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Shah Faesal reached out to NSA before he quit party; open to IAS return

Faesal, 37, who hits the headlines in 2009, when he became the first person from Kashmir to top the Indian Administrative Services exam, acknowledged that he has been in touch with officials in New Delhi, although he declined to specify details.

Updated: Aug 13, 2020, 08:57 IST

By Harinder Baweja, Hindustan Times New Delhi

Faesal, 37, who hits the headlines in 2009, when he became the first person from Kashmir to top the Indian Administrative Services exam, acknowledged that he has been in touch with officials in New Delhi. (Hindustan Times/Ronjoy Gogoi)

Bureaucrat-turned-politician Shah Faesal, who left the party he himself founded, quit only after making contact with top officials in the Union government. Faesal had a talk with National Security Adviser (NSA) Ajit Doval before informing his party colleagues in the Jammu & Kashmir People’s Movement (JKPM) that he was leaving, HT has learnt.

Faesal, 37, who hits the headlines in 2009, when he became the first person from Kashmir to top the Indian Administrative Services exam, acknowledged that he has been in touch with officials in New Delhi, although he declined to specify details.

“There has been a lot of speculation about the conversations I’m having with people in the government. I have been a member of IAS, and it’s nothing strange if I’m meeting people in the government,” he said.

“I have to live and work here and this is perfectly normal,” he added.



The NSA was not available for comment.

Faesal suggested that he is not opposed to rejoining the service, and there is talk that he could be reinstated.

Faesal, who once promised to be the voice of Kashmir’s young people has come a long way. His views, too, have changed. “I think we need to understand that in 1949 national consensus was about incorporating Article 370 and the 2019 national consensus is about scrapping it. We have to understand the mood of the nation and come to terms with the reality.”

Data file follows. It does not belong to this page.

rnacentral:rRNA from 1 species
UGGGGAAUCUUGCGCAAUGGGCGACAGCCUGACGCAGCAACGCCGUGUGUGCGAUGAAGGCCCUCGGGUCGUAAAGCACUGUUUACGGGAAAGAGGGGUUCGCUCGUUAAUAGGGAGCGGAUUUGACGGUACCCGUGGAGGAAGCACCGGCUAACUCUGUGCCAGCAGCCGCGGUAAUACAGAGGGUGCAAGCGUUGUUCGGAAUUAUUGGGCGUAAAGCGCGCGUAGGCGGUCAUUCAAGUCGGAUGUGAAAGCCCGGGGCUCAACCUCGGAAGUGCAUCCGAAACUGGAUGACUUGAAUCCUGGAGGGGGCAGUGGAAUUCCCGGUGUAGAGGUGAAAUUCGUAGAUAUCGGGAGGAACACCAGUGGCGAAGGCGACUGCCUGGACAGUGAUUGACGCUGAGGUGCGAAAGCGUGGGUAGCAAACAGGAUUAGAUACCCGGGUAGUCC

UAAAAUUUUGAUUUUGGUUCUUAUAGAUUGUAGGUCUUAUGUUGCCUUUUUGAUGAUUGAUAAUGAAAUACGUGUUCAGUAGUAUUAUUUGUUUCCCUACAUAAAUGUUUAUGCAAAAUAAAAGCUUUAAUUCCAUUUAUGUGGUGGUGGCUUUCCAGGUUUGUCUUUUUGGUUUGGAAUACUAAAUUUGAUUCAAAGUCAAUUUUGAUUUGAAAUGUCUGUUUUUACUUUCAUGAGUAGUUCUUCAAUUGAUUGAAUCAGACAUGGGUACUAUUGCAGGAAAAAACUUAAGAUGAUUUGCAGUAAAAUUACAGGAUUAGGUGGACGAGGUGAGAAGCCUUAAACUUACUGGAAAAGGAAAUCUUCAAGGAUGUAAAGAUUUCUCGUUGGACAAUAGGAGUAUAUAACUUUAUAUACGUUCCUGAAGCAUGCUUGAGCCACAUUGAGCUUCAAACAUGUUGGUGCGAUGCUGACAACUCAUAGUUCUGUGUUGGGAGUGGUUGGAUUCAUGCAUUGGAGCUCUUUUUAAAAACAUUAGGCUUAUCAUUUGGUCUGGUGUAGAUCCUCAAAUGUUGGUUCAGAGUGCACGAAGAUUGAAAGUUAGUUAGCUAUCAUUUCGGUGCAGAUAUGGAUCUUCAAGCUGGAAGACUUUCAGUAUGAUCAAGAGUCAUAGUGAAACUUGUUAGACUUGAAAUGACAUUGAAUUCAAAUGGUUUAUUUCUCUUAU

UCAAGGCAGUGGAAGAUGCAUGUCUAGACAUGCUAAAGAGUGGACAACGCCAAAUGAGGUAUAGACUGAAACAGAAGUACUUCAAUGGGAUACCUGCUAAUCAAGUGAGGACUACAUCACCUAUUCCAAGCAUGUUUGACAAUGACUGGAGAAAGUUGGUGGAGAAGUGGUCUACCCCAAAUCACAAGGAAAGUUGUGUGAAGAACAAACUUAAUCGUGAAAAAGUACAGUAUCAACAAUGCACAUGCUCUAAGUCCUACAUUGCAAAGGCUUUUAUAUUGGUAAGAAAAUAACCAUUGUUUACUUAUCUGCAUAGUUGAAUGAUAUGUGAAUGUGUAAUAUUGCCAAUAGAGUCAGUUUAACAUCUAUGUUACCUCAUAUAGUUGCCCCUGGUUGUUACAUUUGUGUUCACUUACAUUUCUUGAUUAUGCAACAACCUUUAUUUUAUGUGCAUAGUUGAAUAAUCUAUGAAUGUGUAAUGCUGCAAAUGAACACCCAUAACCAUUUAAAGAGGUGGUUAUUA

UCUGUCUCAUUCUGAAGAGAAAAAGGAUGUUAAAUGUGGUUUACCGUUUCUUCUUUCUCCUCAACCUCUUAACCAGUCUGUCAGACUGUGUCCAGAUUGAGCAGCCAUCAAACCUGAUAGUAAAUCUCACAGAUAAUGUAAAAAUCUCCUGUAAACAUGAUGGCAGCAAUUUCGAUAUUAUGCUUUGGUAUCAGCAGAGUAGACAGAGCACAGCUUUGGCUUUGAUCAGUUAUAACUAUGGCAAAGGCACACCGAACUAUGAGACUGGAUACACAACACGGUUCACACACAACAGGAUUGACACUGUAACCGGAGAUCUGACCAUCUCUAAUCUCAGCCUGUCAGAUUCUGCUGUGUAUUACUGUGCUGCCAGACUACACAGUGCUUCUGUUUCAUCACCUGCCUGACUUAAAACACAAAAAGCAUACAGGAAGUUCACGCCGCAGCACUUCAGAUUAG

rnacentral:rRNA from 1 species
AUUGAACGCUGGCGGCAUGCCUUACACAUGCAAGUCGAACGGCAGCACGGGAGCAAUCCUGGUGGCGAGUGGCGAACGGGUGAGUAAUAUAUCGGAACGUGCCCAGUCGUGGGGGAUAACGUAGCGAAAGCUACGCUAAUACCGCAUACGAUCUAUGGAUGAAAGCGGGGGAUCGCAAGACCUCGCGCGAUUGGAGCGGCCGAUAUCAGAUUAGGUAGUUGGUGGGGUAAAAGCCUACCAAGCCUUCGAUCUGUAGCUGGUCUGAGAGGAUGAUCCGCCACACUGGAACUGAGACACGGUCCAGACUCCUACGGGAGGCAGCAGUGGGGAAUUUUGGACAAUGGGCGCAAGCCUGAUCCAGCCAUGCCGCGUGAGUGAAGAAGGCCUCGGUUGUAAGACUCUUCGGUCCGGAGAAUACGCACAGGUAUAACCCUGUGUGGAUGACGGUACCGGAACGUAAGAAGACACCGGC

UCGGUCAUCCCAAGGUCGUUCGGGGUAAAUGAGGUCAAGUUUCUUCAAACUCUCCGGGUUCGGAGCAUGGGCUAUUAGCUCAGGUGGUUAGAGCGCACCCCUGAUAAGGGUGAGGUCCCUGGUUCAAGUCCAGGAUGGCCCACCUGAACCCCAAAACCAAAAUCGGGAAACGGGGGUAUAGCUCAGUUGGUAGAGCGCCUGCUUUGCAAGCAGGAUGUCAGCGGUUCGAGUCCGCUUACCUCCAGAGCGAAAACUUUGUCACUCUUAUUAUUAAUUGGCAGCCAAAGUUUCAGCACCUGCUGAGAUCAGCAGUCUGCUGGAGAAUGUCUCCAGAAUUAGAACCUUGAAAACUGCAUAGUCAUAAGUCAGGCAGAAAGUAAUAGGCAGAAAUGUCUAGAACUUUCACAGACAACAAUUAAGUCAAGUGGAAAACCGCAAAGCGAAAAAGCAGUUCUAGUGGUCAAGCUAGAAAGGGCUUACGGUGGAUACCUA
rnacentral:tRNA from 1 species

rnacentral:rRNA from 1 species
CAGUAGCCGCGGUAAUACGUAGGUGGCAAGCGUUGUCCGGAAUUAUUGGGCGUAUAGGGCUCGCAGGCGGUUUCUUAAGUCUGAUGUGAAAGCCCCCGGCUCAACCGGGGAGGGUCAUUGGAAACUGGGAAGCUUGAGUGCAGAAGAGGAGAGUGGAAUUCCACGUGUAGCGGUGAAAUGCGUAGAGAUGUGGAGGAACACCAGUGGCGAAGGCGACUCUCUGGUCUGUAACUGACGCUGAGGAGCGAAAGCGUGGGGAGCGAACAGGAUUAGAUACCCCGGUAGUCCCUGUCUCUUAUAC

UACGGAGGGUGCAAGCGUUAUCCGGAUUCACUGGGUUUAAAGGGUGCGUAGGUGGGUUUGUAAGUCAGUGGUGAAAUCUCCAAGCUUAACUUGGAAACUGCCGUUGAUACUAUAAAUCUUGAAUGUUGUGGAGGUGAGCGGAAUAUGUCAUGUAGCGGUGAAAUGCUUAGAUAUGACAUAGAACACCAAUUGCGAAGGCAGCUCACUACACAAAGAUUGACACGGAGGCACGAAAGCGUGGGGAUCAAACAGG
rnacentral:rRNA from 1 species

Early in 2019, Faesal announced his resignation from the IAS and became a vocal critic of the government. Jammu & Kashmir was stripped of its special status in August last year, and at the time, he tweeted: “Kashmir will need a long, sustained non-violent political mass movement for the restoration of political rights. Abolition of Art 370 has finished the mainstream. Constitutionalists are gone. So you can either be a stooge or a separatist now. No shades of grey.”

He has now deleted all his tweets. Asked to explain the stooge-and-separatist comment , he said: “I was talking about the political grey zone in which electoral politics operated. I said that once the grey zone is over now people will call you stooge or separatist. [And] I said I’m neither of the two.”

He added: “I’m a proud citizen of this country who wants to make a difference in the lives of people. I don’t recognise these labels at all.”

In a signed article for this paper in January last year, Faesal enunciated the reasons he quit the IAS. He said then that Kashmir was in a crisis and that as an insider, he had decided to ring the alarm bell.

After being in touch with top officials in the government, Faesal now says he accepts the new reality. “We are face to face with a new political reality in Kashmir. Since August 5, the facts on the ground have changed. I want to articulate my understanding of the situation without the need to be politically correct. Kashmir has suffered a lot in the past. I don’t want to bank on the old illusions, take Kashmiris down a garden path, and build my career on that. I’m quitting with all humility and telling people that I can’t promise something that I can’t deliver.”

He now seems hopeful that the legislative route will provide answers. “In a democracy, this consensus is dynamic and we should not lose hope. The same Parliament has provided answers in the past and I’m sure the same Parliament will provide answers in the future also,” he said.

Faesal’s resignation from the IAS is still pending and he may be reinstated, though the timeline for that is not clear. “The rules can be tweaked to accommodate him,” an official said.

Faesal is not averse to returning to the bureaucratic fold. “I am not averse to working with the government. Public administration is my domain of expertise. That’s where I belong,” he said.

Officials in Delhi and Srinagar who asked not to be named said he could be rejoining soon, and could also be reinstated in an advisory role.

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